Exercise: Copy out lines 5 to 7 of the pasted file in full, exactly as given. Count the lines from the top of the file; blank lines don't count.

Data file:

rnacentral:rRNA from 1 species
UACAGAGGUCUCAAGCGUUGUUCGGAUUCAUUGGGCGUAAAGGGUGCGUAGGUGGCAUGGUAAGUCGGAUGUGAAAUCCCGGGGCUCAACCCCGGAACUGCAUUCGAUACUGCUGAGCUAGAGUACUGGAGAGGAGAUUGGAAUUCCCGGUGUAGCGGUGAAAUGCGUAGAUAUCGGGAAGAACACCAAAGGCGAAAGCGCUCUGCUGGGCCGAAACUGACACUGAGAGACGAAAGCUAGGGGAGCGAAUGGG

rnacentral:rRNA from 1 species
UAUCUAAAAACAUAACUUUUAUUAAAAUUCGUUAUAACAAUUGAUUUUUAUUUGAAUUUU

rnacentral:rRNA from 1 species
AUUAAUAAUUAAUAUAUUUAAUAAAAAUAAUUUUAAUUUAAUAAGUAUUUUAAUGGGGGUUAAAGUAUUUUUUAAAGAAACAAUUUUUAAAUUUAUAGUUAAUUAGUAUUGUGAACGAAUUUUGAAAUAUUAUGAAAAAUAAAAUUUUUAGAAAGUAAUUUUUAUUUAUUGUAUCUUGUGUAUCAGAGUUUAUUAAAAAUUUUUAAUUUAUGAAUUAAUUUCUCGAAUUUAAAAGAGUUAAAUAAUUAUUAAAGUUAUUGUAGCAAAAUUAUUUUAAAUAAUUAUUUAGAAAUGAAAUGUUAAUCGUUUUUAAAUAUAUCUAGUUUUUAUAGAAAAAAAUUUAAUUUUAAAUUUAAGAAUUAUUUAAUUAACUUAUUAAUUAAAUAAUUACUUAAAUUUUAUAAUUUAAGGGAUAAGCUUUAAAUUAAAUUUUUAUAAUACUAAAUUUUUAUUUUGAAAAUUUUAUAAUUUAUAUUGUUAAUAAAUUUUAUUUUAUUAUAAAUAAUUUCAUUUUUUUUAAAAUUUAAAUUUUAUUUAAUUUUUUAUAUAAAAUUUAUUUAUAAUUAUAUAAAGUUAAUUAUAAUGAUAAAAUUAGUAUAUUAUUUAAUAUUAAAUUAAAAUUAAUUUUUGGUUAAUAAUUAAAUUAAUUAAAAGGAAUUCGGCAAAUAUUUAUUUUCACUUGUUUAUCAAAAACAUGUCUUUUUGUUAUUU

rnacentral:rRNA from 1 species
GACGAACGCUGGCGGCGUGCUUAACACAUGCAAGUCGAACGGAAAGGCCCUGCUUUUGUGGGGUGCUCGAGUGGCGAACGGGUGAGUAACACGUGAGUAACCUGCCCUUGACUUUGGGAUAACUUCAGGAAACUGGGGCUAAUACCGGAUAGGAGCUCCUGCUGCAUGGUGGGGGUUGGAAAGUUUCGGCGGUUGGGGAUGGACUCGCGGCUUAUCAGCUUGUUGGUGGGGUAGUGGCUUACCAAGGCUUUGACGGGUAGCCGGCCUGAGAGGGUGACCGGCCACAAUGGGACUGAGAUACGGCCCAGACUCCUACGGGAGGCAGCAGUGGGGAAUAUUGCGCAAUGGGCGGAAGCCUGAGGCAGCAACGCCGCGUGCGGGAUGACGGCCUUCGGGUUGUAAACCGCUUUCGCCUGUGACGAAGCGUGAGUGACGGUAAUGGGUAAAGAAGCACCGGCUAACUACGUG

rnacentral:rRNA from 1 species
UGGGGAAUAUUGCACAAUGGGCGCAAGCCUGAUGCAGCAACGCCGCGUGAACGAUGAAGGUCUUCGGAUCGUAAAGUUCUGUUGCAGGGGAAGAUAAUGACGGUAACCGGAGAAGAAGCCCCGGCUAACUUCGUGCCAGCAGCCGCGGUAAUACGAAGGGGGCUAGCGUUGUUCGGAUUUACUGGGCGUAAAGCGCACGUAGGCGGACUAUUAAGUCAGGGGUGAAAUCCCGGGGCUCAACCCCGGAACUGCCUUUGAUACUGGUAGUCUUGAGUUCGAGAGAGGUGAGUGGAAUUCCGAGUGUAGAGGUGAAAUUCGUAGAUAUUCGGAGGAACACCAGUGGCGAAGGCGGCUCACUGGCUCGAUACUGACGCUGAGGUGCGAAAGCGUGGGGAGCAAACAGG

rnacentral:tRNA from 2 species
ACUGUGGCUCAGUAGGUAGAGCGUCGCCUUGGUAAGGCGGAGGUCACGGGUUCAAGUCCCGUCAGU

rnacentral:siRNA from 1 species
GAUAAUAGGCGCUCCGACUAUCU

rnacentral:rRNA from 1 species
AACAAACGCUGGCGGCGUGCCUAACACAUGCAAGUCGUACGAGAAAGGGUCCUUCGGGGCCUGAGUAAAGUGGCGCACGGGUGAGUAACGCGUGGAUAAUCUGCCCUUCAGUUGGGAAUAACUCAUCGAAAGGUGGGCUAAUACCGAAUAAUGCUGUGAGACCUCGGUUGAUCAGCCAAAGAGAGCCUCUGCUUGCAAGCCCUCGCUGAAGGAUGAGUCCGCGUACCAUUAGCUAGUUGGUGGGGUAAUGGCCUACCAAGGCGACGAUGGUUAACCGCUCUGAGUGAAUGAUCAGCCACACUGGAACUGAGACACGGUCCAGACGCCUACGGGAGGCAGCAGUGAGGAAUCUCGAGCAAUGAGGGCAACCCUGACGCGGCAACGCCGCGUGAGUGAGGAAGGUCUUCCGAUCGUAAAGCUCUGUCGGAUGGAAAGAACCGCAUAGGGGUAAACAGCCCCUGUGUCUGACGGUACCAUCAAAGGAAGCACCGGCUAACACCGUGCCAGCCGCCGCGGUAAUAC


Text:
rnacentral:rRNA from 1 species
AUUAAUAAUUAAUAUAUUUAAUAAAAAUAAUUUUAAUUUAAUAAGUAUUUUAAUGGGGGUUAAAGUAUUUUUUAAAGAAACAAUUUUUAAAUUUAUAGUUAAUUAGUAUUGUGAACGAAUUUUGAAAUAUUAUGAAAAAUAAAAUUUUUAGAAAGUAAUUUUUAUUUAUUGUAUCUUGUGUAUCAGAGUUUAUUAAAAAUUUUUAAUUUAUGAAUUAAUUUCUCGAAUUUAAAAGAGUUAAAUAAUUAUUAAAGUUAUUGUAGCAAAAUUAUUUUAAAUAAUUAUUUAGAAAUGAAAUGUUAAUCGUUUUUAAAUAUAUCUAGUUUUUAUAGAAAAAAAUUUAAUUUUAAAUUUAAGAAUUAUUUAAUUAACUUAUUAAUUAAAUAAUUACUUAAAUUUUAUAAUUUAAGGGAUAAGCUUUAAAUUAAAUUUUUAUAAUACUAAAUUUUUAUUUUGAAAAUUUUAUAAUUUAUAUUGUUAAUAAAUUUUAUUUUAUUAUAAAUAAUUUCAUUUUUUUUAAAAUUUAAAUUUUAUUUAAUUUUUUAUAUAAAAUUUAUUUAUAAUUAUAUAAAGUUAAUUAUAAUGAUAAAAUUAGUAUAUUAUUUAAUAUUAAAUUAAAAUUAAUUUUUGGUUAAUAAUUAAAUUAAUUAAAAGGAAUUCGGCAAAUAUUUAUUUUCACUUGUUUAUCAAAAACAUGUCUUUUUGUUAUUU

rnacentral:rRNA from 1 species